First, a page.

(Mo Kamischke is a PKIDs staff member and the go-to person when we other moms have mom issues.)
1-800-222-1222. This is a phone number you’ll want to place around the house and in your mobile phone. It’s the national toll free number for the American Association of Poison Control Centers.
I consider myself a good mom, but I have called the poison control hotline three times.
The first time was when I found one of my daughters with bathroom foam cleaner on her lips. I was surprised to learn that it was not particularly toxic, but the poison expert assisting me on the phone warned me that the toilet bowl cleaner was a different story and very dangerous. We replaced the locks that we’d removed from the cupboards.
The next time I made the call was a glorious spring day when my toddler and I were gardening in the front yard. She picked up a few berries from beneath a tree and quietly popped them into her mouth. I was immediately on my cellphone to the Poison Control Center, but they needed the Latin name for the tree.
I rushed to the neighborhood garden center and pushed past the long line with a twig and a couple of berries in hand, demanding immediate identification of my “poisonous” tree! People were yelling at me to go to the back of the line, while I waved flora around and loudly explained the whole poisonous thing.
Two botanists, a couple of reference books, and a call to the poison experts, and the emergency was over. It was not a poisonous berry.
The third time, we were packing for a short trip and I put my medication into another, smaller prescription bottle. So now, the medicine inside the bottle did not match its label. My husband ended up giving my oldest daughter one of my pills rather than her allergy pill, which just happened to resemble my pill. Hello poison control. We lucked out on this one as well, and learned another lesson.
It happens to the best of us.
We have to think like a kid, and be sure that all prescriptions, OTC drugs, and vitamins that look like tasty candy are hidden from view and properly stored.
We need to look around the property—inside and out—and ensure that potential toxins like pesticides, cleaning solutions, car products and DIY home project supplies are properly stored out of reach of little hands, preferably behind locked doors.
We should talk to our children. Teach them “STOP! Ask First!,” and view this important kid-friendly music video with our youngsters.
Even while adhering to the strictest precautions, it’s easy to be distracted and have our young child touch, smell, eat, or drink something that might result in accidental poisoning. We don’t want to wait for symptoms to occur. We must call the hotline right away.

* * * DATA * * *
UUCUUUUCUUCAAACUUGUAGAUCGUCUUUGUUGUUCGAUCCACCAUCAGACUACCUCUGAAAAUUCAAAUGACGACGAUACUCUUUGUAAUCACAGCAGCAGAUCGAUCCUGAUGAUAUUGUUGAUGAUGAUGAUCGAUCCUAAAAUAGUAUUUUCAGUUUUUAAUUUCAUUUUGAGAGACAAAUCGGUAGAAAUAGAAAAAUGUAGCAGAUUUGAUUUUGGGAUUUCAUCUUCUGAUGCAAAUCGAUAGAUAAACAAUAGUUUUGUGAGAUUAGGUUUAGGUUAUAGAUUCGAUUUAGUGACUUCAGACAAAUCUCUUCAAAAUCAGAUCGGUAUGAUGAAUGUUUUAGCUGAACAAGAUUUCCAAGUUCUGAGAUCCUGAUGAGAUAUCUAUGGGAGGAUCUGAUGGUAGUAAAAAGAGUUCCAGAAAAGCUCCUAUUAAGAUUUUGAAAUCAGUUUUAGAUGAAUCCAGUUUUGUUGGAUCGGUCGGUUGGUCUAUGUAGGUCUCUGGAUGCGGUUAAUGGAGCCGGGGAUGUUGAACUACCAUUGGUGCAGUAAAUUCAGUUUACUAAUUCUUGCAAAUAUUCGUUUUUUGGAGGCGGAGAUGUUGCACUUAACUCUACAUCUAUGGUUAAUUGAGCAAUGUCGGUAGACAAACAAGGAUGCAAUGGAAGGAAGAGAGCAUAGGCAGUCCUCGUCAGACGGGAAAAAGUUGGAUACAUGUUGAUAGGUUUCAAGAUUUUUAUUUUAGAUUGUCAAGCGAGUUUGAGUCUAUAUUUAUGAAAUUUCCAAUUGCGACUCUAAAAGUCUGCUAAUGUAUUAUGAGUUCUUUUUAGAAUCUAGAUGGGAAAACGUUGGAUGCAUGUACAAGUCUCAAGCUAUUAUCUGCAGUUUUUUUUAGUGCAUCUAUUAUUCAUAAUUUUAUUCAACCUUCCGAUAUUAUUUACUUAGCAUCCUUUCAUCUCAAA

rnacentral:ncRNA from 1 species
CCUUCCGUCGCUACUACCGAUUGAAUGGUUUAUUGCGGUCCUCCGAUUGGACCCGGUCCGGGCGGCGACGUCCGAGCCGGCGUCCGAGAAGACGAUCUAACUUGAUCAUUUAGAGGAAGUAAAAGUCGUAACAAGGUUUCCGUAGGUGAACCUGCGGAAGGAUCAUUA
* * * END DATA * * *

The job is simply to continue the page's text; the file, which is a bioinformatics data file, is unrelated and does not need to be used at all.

Children under the age of six have the largest number of events, and yet a comparatively low number of fatalities. This is likely due to parent and Poison Control Center intervention.
According to the Poison Control Center, the most common poisons for children between the ages of eight months and six years of age include:
- Cosmetics such as perfume or nail polish, and personal care products such as deodorant and soap.
- Cleaning products (for example, laundry detergent and floor cleaners).
- Pain medicines (analgesics) such as acetaminophen or ibuprofen.
- Foreign bodies and toys including silica gel packages to remove moisture in packaging and glow products.
- Topical preparations such as diaper rash products, hydrogen peroxide, acne preparations, or calamine lotion.
The most toxic substances lying around property include:
- Antifreeze and windshield washer products
- Some medicines
- Corrosive cleaners like drain openers, oven cleaners, toilet bowl cleaners and rust removers
- Fuels such as kerosene, lamp oil, gasoline, and tiki-torch oil
And don’t forget about our teenagers. Intentional or unintentional poisoning may occur due to the improper use of medications, inhalants, carbon monoxide or alcohol. They actually experience much higher fatalities than children under the age of twelve.
Check out the extensive statistics associated with exposure to various toxins.
Whatever we do, we mustn’t wait until symptoms occur. If we believe our young child or teen may have been poisoned, we should pick up the phone and call the Poison Control Center at 1-800-222-1222. All information is confidential and free of charge. They’re there, 24/7, 365 days of the year, and they know just what to do.
Oh, and if you have adults in your home, the hotline works for them, as well!